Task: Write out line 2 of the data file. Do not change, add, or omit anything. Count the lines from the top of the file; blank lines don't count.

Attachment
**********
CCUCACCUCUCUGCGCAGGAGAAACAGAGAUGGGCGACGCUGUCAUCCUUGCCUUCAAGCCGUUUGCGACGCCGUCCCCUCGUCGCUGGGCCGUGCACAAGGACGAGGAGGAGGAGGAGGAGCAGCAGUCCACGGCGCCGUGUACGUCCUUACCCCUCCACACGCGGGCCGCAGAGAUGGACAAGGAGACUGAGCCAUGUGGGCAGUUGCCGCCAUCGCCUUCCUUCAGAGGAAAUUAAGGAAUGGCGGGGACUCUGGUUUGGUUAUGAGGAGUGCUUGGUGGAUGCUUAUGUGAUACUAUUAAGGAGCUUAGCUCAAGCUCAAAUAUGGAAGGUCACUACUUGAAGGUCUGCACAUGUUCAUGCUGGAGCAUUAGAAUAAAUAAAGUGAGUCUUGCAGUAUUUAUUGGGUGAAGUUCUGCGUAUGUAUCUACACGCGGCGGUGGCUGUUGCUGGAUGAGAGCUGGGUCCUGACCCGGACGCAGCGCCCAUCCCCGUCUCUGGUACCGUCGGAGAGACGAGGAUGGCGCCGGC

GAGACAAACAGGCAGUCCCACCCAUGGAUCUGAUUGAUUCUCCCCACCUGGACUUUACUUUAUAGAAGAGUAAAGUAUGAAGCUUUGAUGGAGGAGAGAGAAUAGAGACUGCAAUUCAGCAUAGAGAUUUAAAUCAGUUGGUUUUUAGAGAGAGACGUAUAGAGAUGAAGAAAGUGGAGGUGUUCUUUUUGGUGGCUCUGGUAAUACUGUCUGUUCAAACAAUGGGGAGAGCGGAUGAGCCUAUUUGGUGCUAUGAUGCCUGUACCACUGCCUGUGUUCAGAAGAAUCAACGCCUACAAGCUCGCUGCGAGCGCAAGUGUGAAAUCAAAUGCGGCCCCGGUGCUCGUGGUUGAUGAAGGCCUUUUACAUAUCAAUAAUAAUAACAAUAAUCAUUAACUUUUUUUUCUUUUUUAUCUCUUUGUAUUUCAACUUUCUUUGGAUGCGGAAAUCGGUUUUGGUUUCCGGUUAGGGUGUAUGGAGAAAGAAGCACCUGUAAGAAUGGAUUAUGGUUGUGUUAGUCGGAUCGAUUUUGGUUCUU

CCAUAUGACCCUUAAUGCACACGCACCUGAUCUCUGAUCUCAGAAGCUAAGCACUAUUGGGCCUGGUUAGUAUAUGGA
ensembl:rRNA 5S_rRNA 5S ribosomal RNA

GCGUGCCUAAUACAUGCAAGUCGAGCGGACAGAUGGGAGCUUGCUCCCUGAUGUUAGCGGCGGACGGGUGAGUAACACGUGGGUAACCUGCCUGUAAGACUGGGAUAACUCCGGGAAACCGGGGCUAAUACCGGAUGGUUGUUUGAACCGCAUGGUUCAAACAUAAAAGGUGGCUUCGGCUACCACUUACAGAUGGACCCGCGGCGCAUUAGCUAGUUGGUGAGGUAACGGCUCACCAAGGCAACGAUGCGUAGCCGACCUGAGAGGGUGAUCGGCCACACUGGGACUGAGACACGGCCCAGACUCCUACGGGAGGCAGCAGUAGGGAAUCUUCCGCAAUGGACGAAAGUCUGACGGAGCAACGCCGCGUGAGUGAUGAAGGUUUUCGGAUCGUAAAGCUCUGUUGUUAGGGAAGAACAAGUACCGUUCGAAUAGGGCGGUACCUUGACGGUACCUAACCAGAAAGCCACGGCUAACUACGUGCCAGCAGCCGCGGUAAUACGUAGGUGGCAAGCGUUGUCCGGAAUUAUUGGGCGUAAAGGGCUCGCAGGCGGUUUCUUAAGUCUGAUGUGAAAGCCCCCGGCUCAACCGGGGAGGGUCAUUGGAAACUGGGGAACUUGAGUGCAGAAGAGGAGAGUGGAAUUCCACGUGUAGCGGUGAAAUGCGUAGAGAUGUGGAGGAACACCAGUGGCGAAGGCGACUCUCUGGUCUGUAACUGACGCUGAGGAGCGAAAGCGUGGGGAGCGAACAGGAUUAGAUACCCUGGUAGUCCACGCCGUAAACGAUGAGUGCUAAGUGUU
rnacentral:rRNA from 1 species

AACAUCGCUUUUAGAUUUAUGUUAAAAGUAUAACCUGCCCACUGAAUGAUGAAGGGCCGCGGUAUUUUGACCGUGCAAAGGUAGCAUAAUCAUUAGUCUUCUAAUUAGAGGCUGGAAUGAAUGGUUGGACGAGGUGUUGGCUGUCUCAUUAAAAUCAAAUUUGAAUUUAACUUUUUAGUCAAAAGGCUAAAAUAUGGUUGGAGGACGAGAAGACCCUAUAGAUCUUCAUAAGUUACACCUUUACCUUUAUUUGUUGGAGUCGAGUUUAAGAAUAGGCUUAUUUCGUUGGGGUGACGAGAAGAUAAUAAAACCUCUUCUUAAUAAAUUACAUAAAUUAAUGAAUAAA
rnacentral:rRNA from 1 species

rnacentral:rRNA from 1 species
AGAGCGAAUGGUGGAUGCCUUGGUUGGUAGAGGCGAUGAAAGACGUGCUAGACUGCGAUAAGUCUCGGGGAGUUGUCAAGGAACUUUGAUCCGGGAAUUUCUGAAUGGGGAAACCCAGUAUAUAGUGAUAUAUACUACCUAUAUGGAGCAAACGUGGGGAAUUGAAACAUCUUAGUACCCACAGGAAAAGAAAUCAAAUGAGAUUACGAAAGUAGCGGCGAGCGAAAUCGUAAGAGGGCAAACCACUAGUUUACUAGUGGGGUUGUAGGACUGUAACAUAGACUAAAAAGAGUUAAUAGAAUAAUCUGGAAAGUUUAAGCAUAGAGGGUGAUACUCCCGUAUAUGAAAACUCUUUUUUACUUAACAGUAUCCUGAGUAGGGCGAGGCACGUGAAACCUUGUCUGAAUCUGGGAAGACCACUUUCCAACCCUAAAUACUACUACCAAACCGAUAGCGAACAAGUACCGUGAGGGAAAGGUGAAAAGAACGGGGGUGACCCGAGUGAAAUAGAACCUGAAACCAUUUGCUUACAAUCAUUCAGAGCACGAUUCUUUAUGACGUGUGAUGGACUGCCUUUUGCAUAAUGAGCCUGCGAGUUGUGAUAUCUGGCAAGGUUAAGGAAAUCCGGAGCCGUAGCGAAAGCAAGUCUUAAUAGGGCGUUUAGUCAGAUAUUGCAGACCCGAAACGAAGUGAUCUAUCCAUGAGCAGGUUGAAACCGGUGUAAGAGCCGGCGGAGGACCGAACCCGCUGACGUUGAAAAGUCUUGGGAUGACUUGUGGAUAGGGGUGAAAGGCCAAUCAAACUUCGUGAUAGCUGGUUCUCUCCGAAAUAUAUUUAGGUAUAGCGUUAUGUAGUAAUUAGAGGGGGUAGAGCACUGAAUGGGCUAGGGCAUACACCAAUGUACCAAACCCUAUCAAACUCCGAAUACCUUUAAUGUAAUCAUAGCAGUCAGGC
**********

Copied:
GAGACAAACAGGCAGUCCCACCCAUGGAUCUGAUUGAUUCUCCCCACCUGGACUUUACUUUAUAGAAGAGUAAAGUAUGAAGCUUUGAUGGAGGAGAGAGAAUAGAGACUGCAAUUCAGCAUAGAGAUUUAAAUCAGUUGGUUUUUAGAGAGAGACGUAUAGAGAUGAAGAAAGUGGAGGUGUUCUUUUUGGUGGCUCUGGUAAUACUGUCUGUUCAAACAAUGGGGAGAGCGGAUGAGCCUAUUUGGUGCUAUGAUGCCUGUACCACUGCCUGUGUUCAGAAGAAUCAACGCCUACAAGCUCGCUGCGAGCGCAAGUGUGAAAUCAAAUGCGGCCCCGGUGCUCGUGGUUGAUGAAGGCCUUUUACAUAUCAAUAAUAAUAACAAUAAUCAUUAACUUUUUUUUCUUUUUUAUCUCUUUGUAUUUCAACUUUCUUUGGAUGCGGAAAUCGGUUUUGGUUUCCGGUUAGGGUGUAUGGAGAAAGAAGCACCUGUAAGAAUGGAUUAUGGUUGUGUUAGUCGGAUCGAUUUUGGUUCUU